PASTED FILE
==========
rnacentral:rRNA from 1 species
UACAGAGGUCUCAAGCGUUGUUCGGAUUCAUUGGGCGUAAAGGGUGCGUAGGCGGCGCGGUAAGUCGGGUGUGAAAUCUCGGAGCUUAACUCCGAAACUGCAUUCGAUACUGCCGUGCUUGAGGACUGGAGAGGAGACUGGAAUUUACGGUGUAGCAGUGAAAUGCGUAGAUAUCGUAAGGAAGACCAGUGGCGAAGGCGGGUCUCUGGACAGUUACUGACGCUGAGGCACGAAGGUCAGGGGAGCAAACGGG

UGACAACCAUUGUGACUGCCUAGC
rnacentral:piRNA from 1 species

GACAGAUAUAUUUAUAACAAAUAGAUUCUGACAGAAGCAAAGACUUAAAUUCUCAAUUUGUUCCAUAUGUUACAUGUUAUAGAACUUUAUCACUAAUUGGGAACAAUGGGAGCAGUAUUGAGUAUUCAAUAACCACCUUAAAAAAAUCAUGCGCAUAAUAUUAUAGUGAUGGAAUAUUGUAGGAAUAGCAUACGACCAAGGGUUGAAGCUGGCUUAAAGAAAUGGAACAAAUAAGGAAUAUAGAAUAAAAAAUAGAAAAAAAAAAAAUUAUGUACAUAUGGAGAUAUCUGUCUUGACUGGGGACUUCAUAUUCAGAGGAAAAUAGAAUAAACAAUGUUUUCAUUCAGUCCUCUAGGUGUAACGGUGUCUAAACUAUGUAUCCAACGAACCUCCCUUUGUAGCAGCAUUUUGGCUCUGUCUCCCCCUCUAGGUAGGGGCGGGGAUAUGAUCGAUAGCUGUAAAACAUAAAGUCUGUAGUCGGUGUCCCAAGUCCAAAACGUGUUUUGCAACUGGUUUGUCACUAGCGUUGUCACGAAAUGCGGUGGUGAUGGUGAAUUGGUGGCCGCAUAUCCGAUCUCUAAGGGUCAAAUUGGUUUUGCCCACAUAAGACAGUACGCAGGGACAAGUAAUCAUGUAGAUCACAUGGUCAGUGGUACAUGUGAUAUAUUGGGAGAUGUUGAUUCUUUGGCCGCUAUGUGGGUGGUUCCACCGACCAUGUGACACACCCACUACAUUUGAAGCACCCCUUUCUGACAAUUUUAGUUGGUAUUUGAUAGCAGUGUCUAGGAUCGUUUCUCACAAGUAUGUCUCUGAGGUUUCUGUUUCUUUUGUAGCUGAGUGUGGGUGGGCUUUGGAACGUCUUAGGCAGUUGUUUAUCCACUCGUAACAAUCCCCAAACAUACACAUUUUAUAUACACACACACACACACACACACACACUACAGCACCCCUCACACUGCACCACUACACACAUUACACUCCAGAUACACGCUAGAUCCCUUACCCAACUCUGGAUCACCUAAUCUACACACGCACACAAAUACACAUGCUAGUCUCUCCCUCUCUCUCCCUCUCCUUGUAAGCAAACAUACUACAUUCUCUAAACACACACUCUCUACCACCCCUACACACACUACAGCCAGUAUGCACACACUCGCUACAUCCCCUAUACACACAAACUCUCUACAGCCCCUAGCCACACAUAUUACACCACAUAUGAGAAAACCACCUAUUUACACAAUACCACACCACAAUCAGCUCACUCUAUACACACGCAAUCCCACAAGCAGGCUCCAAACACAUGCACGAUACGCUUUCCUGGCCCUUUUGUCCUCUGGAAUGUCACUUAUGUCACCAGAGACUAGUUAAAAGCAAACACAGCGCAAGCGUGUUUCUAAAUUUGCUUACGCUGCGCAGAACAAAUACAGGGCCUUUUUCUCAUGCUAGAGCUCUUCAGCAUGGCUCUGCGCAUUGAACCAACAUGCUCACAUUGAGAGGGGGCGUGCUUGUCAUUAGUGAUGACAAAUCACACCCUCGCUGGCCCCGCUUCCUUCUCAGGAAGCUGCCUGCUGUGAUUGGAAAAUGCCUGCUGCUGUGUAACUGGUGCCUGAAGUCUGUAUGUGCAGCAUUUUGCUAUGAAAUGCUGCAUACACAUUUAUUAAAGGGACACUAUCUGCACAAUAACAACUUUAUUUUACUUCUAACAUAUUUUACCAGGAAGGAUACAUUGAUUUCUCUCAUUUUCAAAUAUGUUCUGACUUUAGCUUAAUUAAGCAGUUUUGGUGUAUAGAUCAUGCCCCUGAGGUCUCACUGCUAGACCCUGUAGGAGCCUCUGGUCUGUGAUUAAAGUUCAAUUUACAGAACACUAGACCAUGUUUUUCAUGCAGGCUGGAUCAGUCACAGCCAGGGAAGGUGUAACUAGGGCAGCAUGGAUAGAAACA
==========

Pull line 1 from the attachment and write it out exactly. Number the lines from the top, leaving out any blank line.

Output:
rnacentral:rRNA from 1 species